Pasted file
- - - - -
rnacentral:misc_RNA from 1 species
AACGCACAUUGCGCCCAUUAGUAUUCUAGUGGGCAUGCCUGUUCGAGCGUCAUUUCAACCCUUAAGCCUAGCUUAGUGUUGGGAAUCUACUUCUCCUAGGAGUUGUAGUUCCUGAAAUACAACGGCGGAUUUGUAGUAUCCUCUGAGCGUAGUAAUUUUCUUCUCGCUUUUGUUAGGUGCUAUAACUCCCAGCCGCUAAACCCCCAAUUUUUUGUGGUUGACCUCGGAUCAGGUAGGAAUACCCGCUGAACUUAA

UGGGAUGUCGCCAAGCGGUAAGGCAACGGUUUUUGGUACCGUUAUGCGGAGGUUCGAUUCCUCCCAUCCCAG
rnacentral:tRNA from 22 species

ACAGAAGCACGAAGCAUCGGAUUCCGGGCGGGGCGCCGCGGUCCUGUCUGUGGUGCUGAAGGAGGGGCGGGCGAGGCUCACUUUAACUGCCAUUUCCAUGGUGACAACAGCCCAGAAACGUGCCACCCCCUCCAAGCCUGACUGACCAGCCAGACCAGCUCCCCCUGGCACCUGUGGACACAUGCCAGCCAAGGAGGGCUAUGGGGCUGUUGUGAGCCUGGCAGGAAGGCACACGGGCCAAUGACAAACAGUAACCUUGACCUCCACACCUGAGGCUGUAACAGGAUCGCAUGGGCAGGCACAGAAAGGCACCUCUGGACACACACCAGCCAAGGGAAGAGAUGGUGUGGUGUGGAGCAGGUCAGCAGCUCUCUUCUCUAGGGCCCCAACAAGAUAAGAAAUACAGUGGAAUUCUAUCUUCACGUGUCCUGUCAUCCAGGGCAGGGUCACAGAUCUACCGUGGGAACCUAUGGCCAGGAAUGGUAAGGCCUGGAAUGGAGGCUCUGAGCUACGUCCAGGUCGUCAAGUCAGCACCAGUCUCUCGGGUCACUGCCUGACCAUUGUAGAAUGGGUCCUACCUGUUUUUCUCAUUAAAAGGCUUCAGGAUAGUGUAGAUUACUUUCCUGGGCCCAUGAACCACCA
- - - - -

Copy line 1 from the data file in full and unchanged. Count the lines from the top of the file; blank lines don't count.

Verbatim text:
rnacentral:misc_RNA from 1 species